Readability is important.
How to Design Function Parameters That Make Interfaces Easier to Use (1/3)
by Jonathan Boccara
From the article:
When you look at an function in an interface, 3 prominent things give you indications about how to use it: its name, its parameters and its return type. And when you look at a piece of code calling that function, it’s just its name and its function parameters.
We’ve already covered in details how to give good names to the components of your code. Now we’re going to examine how to design function parameters in a way that both your interfaces and the code that calls them are as expressive as can be.
Summed up in one sentence, you want to make the decision of what arguments to pass to your functions a no-brainer.
There are a lot of things to say about how to achieve this. So much so that you will find the contents broken down into 3 articles in order to make it easier to digest:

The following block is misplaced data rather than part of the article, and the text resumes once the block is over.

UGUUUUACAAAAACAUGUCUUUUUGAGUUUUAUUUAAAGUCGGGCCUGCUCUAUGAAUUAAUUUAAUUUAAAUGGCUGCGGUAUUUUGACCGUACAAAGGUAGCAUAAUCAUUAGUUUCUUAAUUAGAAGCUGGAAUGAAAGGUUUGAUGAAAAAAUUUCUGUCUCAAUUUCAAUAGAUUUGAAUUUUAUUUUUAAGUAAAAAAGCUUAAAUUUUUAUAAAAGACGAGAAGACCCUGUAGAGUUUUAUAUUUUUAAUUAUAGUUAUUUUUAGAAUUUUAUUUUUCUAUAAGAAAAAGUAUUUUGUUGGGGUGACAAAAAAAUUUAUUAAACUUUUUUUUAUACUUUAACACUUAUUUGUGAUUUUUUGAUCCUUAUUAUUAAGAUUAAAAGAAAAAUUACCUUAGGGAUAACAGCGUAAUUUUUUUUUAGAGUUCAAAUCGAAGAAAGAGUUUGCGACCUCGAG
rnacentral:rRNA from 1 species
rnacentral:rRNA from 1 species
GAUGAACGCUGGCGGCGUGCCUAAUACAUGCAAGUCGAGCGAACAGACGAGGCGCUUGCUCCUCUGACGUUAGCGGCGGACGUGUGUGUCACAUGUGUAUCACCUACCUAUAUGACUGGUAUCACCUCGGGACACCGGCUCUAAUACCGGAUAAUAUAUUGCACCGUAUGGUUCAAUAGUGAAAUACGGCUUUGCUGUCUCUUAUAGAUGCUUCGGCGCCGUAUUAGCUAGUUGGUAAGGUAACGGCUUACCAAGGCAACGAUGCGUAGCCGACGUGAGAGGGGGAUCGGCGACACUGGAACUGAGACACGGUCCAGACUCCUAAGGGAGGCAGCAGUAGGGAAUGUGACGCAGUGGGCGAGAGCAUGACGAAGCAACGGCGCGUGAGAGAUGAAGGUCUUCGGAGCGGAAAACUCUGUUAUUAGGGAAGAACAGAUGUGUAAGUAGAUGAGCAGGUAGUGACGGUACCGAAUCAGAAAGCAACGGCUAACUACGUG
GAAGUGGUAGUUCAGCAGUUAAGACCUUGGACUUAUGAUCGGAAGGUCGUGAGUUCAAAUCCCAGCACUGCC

- Part 1: interface-level parameters, one-parameter functions, const parameters,
- Part 2: calling contexts, strong types, parameters order,
- Part 3: packing parameters, processes, levels of abstraction.
To support this series I’ve taken many examples from interfaces I’ve worked on, except that I’ve stripped out all domain aspects to make them both simpler and disclosable...